But maybe as an American and an independent traveler, I just don't understand European vacations. In Slunchev Bryag, I feel like an ant trapped in a crowded socialist ant colony overrun with pale, pudgy foreigners looking to have a good time. In short, Slunchev Bryag is how I imagine hell. It sucks that hell has now found a new home in Bulgaria. I can only hope that one day Sunny Beach will be swallowed up by the ground. (I won't mention our trip to Nessebur.)
Saturday, May 26. Our Black Sea trip came to an end today. It was a fun, relaxing time in Sozopol - sunbathing, swimming and hanging out at a beach bar. Unfortunately, I became ill with a mysterious virus, so my friend and I decided to take the night train back to Sofia. My friend loves taking the night train, but I can never get a good night's sleep. I tossed and turned all night with a sore throat and fever while my friend slept like a baby. Oh, yes - always travel first class on the night train. It's worth it. First-class cabins have only three bunks, while second-class cabins have six bunks. Basically, going first class decreases the risk that one will have to sleep in the same room as a creep.
Monday, May 28. Back in Sofia, I called in sick to work and rested at home, drinking lots of tea and a little rakiya. But my virus didn't stop me from attending the 12th grade ball. Perhaps you've noticed cars and limousines with balloons, honking horns and screaming teens whizzing around Sofia these past few weeks. These are Bulgarian "abiturenti" on their way to the ball - what we call the prom in the United States. As klassen, I was expected to attend the ball, so I went. Our ball was held at the swanky Military Club, not far from Alexander Nevski Cathedral. It was great fun, despite the fact that my throat was killing me. I spent most of the evening slumped at the faculty table trying to kill my virus with alcohol. Suddenly, I was summoned to the stage and pressed into service as a juror to decide who would be crowned Mr and Ms Ball - the 12th class king and queen!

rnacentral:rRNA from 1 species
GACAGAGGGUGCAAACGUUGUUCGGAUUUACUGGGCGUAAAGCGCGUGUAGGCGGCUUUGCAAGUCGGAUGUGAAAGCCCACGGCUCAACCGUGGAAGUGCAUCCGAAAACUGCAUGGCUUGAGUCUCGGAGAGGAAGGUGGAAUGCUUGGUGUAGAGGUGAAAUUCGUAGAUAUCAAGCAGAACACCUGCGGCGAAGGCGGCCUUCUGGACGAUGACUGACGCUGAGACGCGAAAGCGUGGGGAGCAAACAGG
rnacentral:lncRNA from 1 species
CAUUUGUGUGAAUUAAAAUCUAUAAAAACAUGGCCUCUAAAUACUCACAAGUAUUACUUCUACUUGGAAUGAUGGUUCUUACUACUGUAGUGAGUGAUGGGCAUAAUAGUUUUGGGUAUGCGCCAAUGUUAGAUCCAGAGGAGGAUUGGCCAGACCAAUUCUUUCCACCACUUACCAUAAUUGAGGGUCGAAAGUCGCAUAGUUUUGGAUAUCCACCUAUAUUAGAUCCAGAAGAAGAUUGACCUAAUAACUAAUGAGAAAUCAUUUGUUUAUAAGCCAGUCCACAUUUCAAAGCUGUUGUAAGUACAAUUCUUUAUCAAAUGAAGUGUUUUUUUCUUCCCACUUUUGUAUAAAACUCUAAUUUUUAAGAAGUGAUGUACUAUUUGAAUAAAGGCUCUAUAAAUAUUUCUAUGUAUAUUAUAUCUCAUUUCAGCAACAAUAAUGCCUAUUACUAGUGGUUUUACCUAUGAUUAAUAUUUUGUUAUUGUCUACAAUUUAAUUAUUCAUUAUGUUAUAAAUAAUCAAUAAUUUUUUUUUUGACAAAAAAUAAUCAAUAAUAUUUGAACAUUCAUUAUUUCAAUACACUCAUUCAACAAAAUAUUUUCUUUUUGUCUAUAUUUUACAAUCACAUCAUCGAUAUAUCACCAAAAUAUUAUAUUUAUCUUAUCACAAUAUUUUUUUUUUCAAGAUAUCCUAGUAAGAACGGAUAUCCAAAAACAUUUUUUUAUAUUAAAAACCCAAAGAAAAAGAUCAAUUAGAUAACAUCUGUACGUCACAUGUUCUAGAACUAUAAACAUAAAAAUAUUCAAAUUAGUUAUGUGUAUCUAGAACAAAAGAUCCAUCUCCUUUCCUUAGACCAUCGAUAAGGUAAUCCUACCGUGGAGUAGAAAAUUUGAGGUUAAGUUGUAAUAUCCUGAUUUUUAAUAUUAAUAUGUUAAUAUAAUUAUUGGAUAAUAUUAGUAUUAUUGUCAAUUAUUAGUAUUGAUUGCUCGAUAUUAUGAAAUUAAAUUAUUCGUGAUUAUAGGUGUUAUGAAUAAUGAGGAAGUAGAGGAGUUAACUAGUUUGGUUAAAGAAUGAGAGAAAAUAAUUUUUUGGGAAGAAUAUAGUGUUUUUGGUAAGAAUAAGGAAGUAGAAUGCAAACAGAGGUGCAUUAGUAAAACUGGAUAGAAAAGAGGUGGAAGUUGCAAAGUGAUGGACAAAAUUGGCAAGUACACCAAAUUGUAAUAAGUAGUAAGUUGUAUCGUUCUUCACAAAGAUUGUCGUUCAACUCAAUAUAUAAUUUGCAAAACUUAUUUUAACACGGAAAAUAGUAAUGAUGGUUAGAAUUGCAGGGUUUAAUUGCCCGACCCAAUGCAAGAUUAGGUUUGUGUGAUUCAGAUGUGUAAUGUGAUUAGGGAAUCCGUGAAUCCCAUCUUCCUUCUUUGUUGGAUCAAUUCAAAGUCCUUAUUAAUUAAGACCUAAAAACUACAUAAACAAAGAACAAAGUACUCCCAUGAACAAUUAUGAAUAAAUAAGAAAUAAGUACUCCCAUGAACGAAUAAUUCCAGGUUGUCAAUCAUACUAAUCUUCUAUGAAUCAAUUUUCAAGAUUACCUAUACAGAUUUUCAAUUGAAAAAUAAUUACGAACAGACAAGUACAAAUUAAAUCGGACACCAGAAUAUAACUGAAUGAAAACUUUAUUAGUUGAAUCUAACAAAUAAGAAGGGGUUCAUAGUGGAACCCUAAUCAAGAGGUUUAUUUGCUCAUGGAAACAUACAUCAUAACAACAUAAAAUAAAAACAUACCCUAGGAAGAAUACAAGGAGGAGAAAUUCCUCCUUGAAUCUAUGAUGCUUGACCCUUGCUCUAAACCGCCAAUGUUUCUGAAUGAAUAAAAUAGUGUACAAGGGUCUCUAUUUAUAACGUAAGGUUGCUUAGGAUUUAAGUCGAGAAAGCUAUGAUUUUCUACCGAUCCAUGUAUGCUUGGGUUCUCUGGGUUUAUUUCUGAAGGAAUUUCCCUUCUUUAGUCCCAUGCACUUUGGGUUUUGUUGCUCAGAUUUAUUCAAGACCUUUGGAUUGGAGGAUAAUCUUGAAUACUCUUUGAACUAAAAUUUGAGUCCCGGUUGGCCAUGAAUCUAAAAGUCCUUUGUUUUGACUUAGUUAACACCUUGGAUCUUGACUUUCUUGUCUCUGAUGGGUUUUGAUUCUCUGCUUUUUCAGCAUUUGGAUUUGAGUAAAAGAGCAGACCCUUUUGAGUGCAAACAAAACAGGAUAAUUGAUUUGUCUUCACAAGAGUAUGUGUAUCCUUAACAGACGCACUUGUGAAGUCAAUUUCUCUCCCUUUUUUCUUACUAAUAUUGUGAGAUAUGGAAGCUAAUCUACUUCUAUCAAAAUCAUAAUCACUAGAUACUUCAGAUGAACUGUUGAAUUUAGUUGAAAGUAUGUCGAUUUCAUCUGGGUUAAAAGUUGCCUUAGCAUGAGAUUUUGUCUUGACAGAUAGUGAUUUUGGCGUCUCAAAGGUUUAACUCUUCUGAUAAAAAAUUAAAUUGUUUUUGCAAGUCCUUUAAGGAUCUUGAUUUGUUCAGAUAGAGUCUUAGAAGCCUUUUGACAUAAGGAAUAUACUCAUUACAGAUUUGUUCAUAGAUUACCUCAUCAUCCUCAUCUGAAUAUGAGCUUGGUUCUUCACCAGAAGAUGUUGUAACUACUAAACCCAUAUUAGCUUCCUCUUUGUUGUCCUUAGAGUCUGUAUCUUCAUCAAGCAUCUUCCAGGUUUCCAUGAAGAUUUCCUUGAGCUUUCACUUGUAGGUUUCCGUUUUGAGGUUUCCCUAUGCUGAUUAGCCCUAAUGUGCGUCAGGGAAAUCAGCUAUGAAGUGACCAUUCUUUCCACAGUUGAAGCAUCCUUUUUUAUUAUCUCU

The competition began as I joined the other jury members in front of the stage and a dozen beautiful Bulgarian girls in ball gowns were paraded before us - followed by a dozen boys. Then the DJ made them all dance together and we, the jury, took notes on which students were really distinguishing themselves on stage. After a few minutes of deliberation, the results were announced, and Mr and Ms Ball were crowned. I was drunk - with power.
Soon it was time to move down the street to the disco, but my ill health forced me to go home early. Before I left some of my 12th class students stopped me and gave me a gift - a bottle of domashna (homemade) rakiya. A Bulgarian friend in Bourgas had recently told me that rakiya would help my sore throat - just pour the rakiya on some cotton and then wrap the cotton around my throat and cover it up with newspaper. Well, I didn't take her advice, and I won't mention her cure for a chest cold. Just think honey.
Thabang Makwetla, South Africa’s deputy defence minister who was hosted in exile in Bulgaria in the early 1980s, interviewed by The Sofia Echo Editor-in-Chief Clive Leviev-Sawyer.
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Austrian ambassador Gerhard Reiweger in an interview with The Sofia Echo.